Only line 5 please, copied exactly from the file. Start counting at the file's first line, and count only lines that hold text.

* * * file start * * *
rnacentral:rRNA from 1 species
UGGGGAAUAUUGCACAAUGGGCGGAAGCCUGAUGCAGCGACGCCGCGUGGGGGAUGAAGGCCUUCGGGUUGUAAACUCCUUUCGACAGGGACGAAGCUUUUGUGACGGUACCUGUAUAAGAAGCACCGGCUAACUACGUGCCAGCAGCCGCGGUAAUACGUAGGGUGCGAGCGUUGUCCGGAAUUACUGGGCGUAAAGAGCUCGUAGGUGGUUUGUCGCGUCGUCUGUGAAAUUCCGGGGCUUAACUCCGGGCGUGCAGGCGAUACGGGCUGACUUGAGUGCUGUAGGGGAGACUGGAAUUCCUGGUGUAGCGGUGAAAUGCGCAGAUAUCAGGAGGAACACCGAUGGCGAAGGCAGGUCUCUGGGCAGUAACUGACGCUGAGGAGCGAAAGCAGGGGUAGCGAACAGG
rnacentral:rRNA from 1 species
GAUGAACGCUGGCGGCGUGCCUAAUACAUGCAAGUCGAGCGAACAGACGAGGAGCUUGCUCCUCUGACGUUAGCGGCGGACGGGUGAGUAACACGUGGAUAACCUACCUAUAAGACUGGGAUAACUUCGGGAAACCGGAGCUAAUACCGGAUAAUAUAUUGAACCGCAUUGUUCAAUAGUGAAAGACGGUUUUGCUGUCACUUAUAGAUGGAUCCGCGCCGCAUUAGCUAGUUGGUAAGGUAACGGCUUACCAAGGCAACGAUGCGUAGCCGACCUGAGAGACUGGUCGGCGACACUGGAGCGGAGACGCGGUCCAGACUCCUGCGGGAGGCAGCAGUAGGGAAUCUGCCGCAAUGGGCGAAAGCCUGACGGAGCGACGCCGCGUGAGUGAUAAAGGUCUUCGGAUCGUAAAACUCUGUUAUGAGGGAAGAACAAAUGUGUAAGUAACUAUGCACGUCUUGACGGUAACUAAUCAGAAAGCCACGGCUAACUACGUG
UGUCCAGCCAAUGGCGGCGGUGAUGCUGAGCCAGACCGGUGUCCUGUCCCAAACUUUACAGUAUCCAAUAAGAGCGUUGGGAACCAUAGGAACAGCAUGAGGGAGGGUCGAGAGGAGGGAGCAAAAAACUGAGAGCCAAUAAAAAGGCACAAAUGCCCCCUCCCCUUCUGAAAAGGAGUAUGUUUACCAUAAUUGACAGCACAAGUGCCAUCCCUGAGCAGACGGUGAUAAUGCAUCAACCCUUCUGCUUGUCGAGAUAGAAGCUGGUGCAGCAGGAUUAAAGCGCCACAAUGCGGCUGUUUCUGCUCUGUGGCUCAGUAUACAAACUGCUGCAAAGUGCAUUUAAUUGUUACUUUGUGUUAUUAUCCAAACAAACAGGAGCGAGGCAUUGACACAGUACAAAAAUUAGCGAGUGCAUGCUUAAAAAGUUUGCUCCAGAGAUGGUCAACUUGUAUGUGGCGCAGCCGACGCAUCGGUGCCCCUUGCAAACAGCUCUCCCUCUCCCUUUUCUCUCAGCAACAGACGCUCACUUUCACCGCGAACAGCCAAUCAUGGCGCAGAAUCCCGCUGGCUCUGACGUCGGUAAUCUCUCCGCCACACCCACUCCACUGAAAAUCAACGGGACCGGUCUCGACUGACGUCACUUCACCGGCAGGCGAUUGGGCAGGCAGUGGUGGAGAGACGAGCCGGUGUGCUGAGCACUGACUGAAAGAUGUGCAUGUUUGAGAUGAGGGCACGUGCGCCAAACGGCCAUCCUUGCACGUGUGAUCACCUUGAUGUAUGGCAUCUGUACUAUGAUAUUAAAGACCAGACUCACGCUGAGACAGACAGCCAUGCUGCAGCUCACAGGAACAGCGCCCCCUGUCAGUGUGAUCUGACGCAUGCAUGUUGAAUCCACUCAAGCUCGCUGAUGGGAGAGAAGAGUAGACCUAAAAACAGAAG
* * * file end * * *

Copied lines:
UGUCCAGCCAAUGGCGGCGGUGAUGCUGAGCCAGACCGGUGUCCUGUCCCAAACUUUACAGUAUCCAAUAAGAGCGUUGGGAACCAUAGGAACAGCAUGAGGGAGGGUCGAGAGGAGGGAGCAAAAAACUGAGAGCCAAUAAAAAGGCACAAAUGCCCCCUCCCCUUCUGAAAAGGAGUAUGUUUACCAUAAUUGACAGCACAAGUGCCAUCCCUGAGCAGACGGUGAUAAUGCAUCAACCCUUCUGCUUGUCGAGAUAGAAGCUGGUGCAGCAGGAUUAAAGCGCCACAAUGCGGCUGUUUCUGCUCUGUGGCUCAGUAUACAAACUGCUGCAAAGUGCAUUUAAUUGUUACUUUGUGUUAUUAUCCAAACAAACAGGAGCGAGGCAUUGACACAGUACAAAAAUUAGCGAGUGCAUGCUUAAAAAGUUUGCUCCAGAGAUGGUCAACUUGUAUGUGGCGCAGCCGACGCAUCGGUGCCCCUUGCAAACAGCUCUCCCUCUCCCUUUUCUCUCAGCAACAGACGCUCACUUUCACCGCGAACAGCCAAUCAUGGCGCAGAAUCCCGCUGGCUCUGACGUCGGUAAUCUCUCCGCCACACCCACUCCACUGAAAAUCAACGGGACCGGUCUCGACUGACGUCACUUCACCGGCAGGCGAUUGGGCAGGCAGUGGUGGAGAGACGAGCCGGUGUGCUGAGCACUGACUGAAAGAUGUGCAUGUUUGAGAUGAGGGCACGUGCGCCAAACGGCCAUCCUUGCACGUGUGAUCACCUUGAUGUAUGGCAUCUGUACUAUGAUAUUAAAGACCAGACUCACGCUGAGACAGACAGCCAUGCUGCAGCUCACAGGAACAGCGCCCCCUGUCAGUGUGAUCUGACGCAUGCAUGUUGAAUCCACUCAAGCUCGCUGAUGGGAGAGAAGAGUAGACCUAAAAACAGAAG